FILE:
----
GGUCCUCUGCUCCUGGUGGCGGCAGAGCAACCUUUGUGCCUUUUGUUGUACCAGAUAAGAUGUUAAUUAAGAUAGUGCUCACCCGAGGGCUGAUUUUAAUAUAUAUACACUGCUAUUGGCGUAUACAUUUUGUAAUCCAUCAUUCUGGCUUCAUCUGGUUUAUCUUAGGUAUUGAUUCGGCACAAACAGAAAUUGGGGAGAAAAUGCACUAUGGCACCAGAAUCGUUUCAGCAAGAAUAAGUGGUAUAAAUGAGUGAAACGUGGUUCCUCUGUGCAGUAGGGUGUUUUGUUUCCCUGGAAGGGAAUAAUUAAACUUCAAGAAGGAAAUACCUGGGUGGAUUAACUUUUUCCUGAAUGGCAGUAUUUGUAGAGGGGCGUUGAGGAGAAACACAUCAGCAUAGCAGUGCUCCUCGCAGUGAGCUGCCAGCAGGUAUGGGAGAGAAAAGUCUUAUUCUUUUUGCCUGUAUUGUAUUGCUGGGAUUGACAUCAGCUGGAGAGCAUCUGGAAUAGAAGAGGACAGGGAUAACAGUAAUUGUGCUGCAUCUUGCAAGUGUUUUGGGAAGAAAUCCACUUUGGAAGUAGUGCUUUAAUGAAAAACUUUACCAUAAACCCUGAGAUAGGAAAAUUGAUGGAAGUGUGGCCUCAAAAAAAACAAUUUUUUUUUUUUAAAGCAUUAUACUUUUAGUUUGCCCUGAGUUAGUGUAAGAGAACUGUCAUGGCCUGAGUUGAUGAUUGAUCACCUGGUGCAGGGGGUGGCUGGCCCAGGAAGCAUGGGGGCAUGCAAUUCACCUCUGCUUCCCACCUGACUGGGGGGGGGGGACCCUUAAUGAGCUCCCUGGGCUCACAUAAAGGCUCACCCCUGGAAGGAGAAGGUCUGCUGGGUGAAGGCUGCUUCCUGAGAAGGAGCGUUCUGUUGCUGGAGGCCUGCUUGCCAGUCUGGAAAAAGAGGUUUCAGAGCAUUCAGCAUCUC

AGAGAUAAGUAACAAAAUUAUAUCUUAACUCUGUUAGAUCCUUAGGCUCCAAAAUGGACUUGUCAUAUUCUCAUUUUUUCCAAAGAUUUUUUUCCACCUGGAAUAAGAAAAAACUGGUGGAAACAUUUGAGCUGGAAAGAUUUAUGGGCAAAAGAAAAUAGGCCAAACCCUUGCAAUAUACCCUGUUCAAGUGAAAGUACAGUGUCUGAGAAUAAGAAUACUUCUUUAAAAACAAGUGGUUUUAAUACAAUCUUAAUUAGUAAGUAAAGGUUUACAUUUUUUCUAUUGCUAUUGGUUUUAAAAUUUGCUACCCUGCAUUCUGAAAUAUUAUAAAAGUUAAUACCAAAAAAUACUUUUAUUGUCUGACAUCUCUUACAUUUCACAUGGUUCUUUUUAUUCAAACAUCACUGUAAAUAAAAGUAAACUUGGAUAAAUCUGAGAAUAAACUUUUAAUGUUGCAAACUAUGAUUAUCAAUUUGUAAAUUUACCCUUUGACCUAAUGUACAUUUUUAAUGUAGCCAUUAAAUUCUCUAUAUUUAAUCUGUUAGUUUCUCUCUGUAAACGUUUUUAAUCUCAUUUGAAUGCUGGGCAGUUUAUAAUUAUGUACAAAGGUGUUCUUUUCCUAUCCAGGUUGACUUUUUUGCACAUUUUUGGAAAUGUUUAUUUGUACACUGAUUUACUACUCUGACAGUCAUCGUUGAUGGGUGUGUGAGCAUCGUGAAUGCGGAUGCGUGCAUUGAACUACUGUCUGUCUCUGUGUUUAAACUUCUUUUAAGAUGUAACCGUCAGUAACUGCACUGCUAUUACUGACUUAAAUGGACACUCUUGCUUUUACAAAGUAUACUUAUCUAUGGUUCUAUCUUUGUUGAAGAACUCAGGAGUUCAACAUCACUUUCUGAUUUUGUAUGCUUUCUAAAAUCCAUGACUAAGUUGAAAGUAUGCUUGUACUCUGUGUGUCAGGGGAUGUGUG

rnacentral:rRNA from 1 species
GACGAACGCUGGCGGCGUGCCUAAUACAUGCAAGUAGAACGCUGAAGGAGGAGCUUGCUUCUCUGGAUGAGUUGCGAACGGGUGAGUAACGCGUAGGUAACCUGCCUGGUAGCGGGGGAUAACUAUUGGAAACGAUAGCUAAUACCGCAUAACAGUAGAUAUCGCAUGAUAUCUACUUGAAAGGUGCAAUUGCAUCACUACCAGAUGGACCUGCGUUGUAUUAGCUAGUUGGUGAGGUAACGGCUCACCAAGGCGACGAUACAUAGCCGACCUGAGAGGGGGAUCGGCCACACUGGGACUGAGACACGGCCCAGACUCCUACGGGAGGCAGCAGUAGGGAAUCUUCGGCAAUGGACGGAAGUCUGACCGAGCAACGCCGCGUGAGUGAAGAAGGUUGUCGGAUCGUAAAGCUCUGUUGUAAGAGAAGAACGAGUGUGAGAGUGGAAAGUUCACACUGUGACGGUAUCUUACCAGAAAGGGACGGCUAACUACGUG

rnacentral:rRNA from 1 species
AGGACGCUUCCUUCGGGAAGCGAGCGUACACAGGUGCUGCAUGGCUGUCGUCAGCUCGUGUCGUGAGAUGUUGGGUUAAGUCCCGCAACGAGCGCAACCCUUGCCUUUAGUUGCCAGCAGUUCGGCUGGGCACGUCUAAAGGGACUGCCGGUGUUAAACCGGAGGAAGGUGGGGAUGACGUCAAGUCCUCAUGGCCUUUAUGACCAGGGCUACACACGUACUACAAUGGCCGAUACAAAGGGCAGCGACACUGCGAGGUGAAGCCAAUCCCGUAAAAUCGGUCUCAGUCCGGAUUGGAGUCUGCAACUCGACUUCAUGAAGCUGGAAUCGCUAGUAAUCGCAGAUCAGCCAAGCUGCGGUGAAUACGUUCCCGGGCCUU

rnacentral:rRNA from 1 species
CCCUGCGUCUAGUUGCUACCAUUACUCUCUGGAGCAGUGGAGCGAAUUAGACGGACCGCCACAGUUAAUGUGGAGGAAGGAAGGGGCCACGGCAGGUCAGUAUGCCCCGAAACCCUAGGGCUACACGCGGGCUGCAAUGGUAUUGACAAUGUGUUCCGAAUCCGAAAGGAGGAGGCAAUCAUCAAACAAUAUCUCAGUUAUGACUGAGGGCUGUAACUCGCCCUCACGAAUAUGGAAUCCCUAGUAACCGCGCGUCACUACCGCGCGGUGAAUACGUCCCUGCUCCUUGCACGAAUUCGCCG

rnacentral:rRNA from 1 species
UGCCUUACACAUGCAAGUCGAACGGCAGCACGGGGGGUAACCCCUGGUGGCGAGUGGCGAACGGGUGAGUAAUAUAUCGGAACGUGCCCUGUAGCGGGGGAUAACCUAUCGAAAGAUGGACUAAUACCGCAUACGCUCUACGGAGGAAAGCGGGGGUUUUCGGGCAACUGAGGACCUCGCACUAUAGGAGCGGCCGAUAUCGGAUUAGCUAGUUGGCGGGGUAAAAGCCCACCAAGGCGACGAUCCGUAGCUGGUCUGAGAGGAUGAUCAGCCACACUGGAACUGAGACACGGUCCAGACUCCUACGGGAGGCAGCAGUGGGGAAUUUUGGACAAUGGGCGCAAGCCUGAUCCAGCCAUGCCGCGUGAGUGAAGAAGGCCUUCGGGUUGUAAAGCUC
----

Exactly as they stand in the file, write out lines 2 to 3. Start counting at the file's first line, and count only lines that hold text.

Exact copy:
AGAGAUAAGUAACAAAAUUAUAUCUUAACUCUGUUAGAUCCUUAGGCUCCAAAAUGGACUUGUCAUAUUCUCAUUUUUUCCAAAGAUUUUUUUCCACCUGGAAUAAGAAAAAACUGGUGGAAACAUUUGAGCUGGAAAGAUUUAUGGGCAAAAGAAAAUAGGCCAAACCCUUGCAAUAUACCCUGUUCAAGUGAAAGUACAGUGUCUGAGAAUAAGAAUACUUCUUUAAAAACAAGUGGUUUUAAUACAAUCUUAAUUAGUAAGUAAAGGUUUACAUUUUUUCUAUUGCUAUUGGUUUUAAAAUUUGCUACCCUGCAUUCUGAAAUAUUAUAAAAGUUAAUACCAAAAAAUACUUUUAUUGUCUGACAUCUCUUACAUUUCACAUGGUUCUUUUUAUUCAAACAUCACUGUAAAUAAAAGUAAACUUGGAUAAAUCUGAGAAUAAACUUUUAAUGUUGCAAACUAUGAUUAUCAAUUUGUAAAUUUACCCUUUGACCUAAUGUACAUUUUUAAUGUAGCCAUUAAAUUCUCUAUAUUUAAUCUGUUAGUUUCUCUCUGUAAACGUUUUUAAUCUCAUUUGAAUGCUGGGCAGUUUAUAAUUAUGUACAAAGGUGUUCUUUUCCUAUCCAGGUUGACUUUUUUGCACAUUUUUGGAAAUGUUUAUUUGUACACUGAUUUACUACUCUGACAGUCAUCGUUGAUGGGUGUGUGAGCAUCGUGAAUGCGGAUGCGUGCAUUGAACUACUGUCUGUCUCUGUGUUUAAACUUCUUUUAAGAUGUAACCGUCAGUAACUGCACUGCUAUUACUGACUUAAAUGGACACUCUUGCUUUUACAAAGUAUACUUAUCUAUGGUUCUAUCUUUGUUGAAGAACUCAGGAGUUCAACAUCACUUUCUGAUUUUGUAUGCUUUCUAAAAUCCAUGACUAAGUUGAAAGUAUGCUUGUACUCUGUGUGUCAGGGGAUGUGUG

rnacentral:rRNA from 1 species